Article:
February 1, 2019 / 2:58 PM / 10 months ago

Column: U.S. gas and electric systems prove resilient in face of polar vortex

LONDON (Reuters) - Freezing temperatures across much of the northern United States have caused barely a ripple in natural gas markets showing how plentiful supplies have become thanks to the shale revolution.

The city skyline is seen from the North Avenue Beach at Lake Michigan, as bitter cold phenomenon called the polar vortex has descended on much of the central and eastern United States, in Chicago, Illinois, U.S., January 29, 2019. REUTERS/Pinar Istek

In a sign of improving resilience, the gas and electricity networks have come through the most recent polar vortex with far less stress on gas supplies and electric generators than during the last major vortex in January 2014.

While policymakers in Washington debate whether the increasing interconnectedness of gas and electricity systems poses a risk to reliability, both industries are improving their ability to cope with extreme cold events.

Temperatures across the Midwest fell to multi-decade lows this week and daily gas consumption is forecast to have hit record levels on Jan. 31 (“U.S. natgas use hits record during freeze”, Reuters, Feb. 1).

Even before the cold snap, gas stocks were 13 percent below the five-year average at the end of last week, according to the U.S. Energy Information Administration (“Weekly natural gas storage report”, EIA, Jan. 31).

But futures prices for gas delivered in March continued to fall and are now close to their lowest levels for the last four years, well below $3 per million British thermal units.

(Chartbook: tmsnrt.rs/2BesoaZ)

After surging higher between September and November, amid fears about the low level of inventories going into the winter, futures prices have fallen back as traders have become more confident about the supply situation.

Gas stocks have remained reasonably comfortable as a result of a relatively mild winter so far and plentiful supplies that have ensured stocks have drawn down more slowly than in previous years for any given level of cold.

The winter heating season has now passed the half-way point and, so far, temperatures have been slightly warmer than the long-term average, according to government data.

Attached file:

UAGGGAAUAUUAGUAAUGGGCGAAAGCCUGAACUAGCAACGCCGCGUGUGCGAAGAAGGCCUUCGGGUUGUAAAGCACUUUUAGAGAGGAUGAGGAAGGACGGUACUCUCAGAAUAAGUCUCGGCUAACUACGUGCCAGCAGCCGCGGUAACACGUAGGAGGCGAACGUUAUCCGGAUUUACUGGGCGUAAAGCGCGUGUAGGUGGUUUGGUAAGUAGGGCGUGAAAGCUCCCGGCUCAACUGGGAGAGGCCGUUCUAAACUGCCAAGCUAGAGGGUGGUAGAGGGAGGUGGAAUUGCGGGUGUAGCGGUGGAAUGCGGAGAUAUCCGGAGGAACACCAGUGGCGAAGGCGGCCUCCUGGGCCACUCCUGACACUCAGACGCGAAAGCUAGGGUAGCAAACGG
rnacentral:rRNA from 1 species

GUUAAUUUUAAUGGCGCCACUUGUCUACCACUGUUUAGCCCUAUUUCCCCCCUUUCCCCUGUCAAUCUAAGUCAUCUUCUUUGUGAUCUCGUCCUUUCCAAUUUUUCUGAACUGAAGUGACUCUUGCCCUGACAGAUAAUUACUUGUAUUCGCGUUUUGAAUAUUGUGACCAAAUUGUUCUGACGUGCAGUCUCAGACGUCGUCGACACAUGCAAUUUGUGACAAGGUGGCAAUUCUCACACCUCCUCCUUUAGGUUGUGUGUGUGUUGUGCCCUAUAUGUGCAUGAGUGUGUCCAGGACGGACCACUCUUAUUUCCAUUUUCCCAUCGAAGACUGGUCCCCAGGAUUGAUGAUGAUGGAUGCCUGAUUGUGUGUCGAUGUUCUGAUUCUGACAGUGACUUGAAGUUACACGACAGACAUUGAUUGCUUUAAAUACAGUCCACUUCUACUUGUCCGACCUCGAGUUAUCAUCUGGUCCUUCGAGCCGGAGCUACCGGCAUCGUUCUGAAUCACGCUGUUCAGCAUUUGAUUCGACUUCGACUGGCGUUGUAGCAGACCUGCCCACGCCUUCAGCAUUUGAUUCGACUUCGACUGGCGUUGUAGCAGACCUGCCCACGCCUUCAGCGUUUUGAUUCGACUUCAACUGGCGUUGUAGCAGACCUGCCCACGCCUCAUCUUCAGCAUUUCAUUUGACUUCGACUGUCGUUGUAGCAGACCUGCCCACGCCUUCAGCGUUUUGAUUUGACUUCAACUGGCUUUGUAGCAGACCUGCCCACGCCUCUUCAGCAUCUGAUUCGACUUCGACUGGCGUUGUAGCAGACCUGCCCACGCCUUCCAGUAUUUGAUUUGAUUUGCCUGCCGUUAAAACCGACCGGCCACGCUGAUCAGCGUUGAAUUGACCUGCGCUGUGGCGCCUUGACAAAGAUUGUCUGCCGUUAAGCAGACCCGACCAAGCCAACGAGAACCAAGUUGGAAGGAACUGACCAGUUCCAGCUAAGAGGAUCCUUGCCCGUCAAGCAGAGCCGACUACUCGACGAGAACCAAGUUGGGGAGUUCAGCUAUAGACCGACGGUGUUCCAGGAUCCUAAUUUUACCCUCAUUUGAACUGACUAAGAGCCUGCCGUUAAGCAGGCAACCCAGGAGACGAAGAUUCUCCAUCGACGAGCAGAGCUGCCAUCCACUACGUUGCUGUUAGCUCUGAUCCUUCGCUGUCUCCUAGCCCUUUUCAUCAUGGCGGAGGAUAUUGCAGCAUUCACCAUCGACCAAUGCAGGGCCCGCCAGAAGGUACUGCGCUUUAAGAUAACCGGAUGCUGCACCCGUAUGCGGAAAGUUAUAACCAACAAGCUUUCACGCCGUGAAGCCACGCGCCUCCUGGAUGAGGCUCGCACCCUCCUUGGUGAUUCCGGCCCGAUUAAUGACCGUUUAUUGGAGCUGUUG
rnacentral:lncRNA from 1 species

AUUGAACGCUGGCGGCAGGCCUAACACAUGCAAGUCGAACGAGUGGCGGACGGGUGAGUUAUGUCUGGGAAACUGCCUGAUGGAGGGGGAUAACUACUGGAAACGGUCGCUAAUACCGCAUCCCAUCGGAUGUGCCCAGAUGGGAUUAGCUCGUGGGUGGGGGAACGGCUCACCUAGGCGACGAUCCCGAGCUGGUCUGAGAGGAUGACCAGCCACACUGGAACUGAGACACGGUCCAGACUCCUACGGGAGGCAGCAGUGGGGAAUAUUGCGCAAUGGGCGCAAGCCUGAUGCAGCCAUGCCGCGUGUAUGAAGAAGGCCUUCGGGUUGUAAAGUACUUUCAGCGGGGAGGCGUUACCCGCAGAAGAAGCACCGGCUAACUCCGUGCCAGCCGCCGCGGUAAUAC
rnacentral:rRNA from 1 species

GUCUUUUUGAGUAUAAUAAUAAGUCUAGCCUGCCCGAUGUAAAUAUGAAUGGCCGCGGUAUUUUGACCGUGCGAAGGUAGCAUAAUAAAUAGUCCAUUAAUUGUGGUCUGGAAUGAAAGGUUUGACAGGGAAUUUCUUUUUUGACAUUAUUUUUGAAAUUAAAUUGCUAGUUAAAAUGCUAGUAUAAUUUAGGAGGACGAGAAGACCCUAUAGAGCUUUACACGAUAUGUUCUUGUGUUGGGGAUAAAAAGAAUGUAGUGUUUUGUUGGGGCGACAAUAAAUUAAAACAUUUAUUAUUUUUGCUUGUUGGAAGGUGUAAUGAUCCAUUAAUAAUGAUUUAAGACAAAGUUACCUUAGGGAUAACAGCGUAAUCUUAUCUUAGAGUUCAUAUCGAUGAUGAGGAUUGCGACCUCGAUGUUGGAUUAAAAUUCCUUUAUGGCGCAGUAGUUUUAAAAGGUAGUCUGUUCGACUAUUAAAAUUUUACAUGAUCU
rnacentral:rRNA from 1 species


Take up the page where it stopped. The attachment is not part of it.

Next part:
Cumulative population-weighted heating degree days between July 1 and Jan. 30 were 3 percent lower than the long-term average (“Degree day statistics”, U.S. Climate Prediction Center, Jan. 31).

This winter has been significantly colder than the exceptionally mild winters of 2015/16 and 2016/17 but about the same as winter 2017/18 and is still warmer than average so far.

The current cold snap is expected to be relatively short-lived, with temperatures forecast to rise significantly in the next few days and heating demand expected to fall back below the seasonal norm.

The impact on gas stocks and prices of generally mild temperatures has been compounded by much smaller draws on stockpiles for any given level of heating demand this year than in either 2017/18 or 2016/17.

The limited drawdown on gas stocks reflects the tremendous surge in production which is easily able to meet growth in domestic demand including from electricity generators.

U.S. gas production hit a record 2.70 trillion cubic feet in October and another near-record 2.65 trillion cubic feet in November, according to the Energy Information Administration.

U.S. gas production has been growing at rates of around 13 percent per year, the fastest rate for at least two decades.

Production is growing so fast that even with some of the coldest weather in decades supplies have remained adequate with no spike in prices and no forced curtailments by generators or significant loss of load.

John Kemp is a Reuters market analyst. The views expressed are his own.

Related columns:

- U.S. natural gas prices sink on warm weather and hedge fund sales (Reuters, Jan. 9)

- U.S. natural gas prices leap to four-year high amid low stocks (Reuters, Nov. 14)

- Perry puts thumb on the scale to save U.S. coal and nuclear (Reuters, Sept. 29, 2017)

- U.S. power grid survived polar vortex, but only just (Reuters, Oct. 1, 2014)

Editing by David Evans

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